4. Nirmal's claim for specific performance has been rejected. The counter-claim of Tulip has been rejected. Nirmal has been granted an award of return of the amount of monies paid by Nirmal to Tulip under the reference agreement but not those paid by Tulip under the earlier agreements dated 29.03.2003 and 31.03.2003 as those agreements were not referred to arbitration and the Arbitrator held that he would have exceeded his jurisdiction if he passed an award for refund of those monies also.

5. It has been admitted in the pleadings between the parties and in the minutes of the meeting held by the parties that Rs.30.60 Crores has been paid by Nirmal to Tulip.

6. The main dispute between the parties in the arbitration as also the main contention of the parties in these petitions is with regard to the covenant/obligation of Tulip to obtain the approval of the Consortium of Banks. The relevant clauses of the agreement dated 21.06.2003 deserve to be reproduced to understand the contract between the parties which has been considered in arbitration.

(4) Nirmal shall pay to Tulip the amount of Rs.30,00,00,000/- (Rupees thirty crores) in the following manner:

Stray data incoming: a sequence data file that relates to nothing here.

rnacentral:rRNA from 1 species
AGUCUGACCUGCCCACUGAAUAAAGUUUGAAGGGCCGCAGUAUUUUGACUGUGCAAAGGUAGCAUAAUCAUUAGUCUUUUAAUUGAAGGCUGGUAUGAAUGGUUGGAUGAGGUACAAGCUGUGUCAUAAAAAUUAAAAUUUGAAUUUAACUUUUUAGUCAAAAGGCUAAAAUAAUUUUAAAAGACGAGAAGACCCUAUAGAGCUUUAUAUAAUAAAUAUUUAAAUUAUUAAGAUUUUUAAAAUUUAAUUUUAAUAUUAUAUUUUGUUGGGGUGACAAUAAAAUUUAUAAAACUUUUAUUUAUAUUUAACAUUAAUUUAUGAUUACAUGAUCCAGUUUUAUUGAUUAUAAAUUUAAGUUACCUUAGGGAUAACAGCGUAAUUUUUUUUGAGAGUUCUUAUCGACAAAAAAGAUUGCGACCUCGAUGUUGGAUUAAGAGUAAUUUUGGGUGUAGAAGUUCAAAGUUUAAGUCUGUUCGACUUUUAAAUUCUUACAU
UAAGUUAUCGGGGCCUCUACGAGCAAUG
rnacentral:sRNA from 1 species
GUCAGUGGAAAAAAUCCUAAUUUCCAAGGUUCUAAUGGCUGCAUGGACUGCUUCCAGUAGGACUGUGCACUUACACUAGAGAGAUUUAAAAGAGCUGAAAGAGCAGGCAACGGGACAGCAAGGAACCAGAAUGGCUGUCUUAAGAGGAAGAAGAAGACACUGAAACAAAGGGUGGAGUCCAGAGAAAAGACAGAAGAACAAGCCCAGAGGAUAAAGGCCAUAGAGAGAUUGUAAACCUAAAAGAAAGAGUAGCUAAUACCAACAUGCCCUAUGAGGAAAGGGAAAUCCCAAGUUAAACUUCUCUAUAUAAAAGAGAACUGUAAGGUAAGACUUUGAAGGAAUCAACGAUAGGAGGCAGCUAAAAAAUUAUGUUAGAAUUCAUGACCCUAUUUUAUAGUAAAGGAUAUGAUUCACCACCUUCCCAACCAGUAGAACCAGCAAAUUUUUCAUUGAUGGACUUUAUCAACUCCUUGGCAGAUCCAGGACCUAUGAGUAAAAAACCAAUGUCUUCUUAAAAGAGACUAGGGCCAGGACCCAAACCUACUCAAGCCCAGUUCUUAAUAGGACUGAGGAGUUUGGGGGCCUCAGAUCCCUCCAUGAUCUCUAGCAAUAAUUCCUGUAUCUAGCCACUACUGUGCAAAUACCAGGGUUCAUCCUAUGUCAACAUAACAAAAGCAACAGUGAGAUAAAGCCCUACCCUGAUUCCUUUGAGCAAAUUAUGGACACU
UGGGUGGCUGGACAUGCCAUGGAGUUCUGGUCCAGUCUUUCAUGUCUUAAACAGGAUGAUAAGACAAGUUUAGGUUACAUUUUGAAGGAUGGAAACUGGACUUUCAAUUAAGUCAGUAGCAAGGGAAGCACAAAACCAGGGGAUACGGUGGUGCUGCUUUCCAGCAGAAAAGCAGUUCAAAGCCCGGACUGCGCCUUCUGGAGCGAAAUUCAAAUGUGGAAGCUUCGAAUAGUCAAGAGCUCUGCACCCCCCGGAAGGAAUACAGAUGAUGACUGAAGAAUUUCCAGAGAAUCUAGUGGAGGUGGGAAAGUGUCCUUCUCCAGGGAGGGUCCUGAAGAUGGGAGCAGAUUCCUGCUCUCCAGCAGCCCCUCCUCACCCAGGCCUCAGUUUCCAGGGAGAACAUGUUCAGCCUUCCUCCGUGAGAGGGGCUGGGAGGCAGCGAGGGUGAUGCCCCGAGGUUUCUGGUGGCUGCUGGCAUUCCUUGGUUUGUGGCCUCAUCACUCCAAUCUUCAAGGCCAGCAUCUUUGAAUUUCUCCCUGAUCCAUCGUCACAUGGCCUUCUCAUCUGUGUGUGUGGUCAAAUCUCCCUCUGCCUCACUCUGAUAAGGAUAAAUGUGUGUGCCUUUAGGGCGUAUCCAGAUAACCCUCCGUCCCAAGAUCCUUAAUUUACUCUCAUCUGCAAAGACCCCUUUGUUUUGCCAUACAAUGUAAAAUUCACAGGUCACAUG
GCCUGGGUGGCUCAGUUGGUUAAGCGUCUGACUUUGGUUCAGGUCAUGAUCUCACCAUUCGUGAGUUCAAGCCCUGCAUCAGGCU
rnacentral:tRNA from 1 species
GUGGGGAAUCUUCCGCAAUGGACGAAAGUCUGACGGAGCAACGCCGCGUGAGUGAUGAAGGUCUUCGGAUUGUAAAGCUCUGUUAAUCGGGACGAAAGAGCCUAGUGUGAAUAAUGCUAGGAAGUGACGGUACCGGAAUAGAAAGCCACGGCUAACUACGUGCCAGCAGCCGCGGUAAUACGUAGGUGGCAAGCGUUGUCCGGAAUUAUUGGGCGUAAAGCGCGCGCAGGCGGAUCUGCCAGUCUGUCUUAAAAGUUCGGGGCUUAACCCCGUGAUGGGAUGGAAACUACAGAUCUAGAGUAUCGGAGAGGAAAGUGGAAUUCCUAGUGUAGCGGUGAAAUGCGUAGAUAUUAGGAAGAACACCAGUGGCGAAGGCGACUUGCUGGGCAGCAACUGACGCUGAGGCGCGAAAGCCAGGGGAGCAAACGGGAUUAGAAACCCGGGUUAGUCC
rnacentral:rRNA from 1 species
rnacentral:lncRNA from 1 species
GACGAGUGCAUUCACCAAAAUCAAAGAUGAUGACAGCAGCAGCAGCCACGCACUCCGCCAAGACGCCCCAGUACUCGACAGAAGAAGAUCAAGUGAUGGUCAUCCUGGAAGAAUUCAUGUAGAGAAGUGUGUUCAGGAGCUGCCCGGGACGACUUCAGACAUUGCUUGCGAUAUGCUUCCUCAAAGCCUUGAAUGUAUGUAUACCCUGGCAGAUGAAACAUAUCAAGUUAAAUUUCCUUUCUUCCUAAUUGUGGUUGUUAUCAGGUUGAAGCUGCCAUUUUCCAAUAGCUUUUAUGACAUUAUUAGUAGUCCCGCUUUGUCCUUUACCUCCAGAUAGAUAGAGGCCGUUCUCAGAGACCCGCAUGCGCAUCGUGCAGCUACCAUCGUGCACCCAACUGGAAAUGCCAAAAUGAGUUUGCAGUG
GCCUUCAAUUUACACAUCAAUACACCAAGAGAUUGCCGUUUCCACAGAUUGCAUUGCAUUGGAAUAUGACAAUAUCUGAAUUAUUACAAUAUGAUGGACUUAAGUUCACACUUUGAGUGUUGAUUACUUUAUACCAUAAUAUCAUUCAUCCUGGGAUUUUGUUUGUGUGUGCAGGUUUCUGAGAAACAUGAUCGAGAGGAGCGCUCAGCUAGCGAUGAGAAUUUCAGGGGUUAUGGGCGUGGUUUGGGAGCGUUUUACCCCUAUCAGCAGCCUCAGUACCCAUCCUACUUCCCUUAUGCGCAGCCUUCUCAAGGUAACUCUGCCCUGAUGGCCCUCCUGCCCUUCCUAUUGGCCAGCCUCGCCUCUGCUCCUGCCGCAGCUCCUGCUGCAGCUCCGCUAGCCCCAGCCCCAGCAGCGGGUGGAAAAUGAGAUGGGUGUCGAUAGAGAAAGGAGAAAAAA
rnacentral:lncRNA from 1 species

a) ….......

b) The balance amount of Rs.26,00,00,000/- (Rupees twenty six crores only) payable by Nirmal to Tulip within 180 (one hundred and eighty) days from the date hereof, time being of the essence, provided however that

(i) Tulip has within 150 (one hundred and fifty) days from the date hereof obtained approval of the Consortium of Banks which have lent funds to Tulip for this Agreement between Tulip and Nirmal, and for giving Nirmal an interest in the Shopping Mall area and

(ii) …........

(7) Tulip has represented to Nirmal that it has availed of a Term Loan from a Consortium of Banks, including Bank of India, Union Bank of India, Vijaya Bank, Indian Bank, Punjab National Bank and Canara Bank ('the said Banks') to the tune of Rs.129 crores and to secure due repayment thereof, has inter alia, mortgaged the said property in favour of the said Banks. Under the terms and conditions on which the said loan has been disbursed, Tulip has undertaken not to alienate, sell, transfer, mortgage, charge or otherwise deal with the said property or any part thereof, without prior written consent being obtained from the said Banks. Tulip hereby agrees and undertakes to obtain within 150 days from the date hereof, the necessary No Objection Certificate (NOC) in writing from the said Banks, specifying inter-alia the following.............)

7. Tulip did not obtain the prior written Consent/NOC of the Consortium of Banks. Nirmal sought its enforcement.

8. Tulip did have two meetings dated 18.12.2003 and 18.11.2004 with the Consortium of Banks. They were attended also by Nirmal. The parties jointly put forward their proposal. The Banks required Tulip's audited balance-sheet, detailed project report of the assets available to the bankers and sought to put up their proposal to their higher authority. Tulip has not submitted the audited balance-sheet or the detailed project report as called upon. The banks have neither refused nor granted the NOC.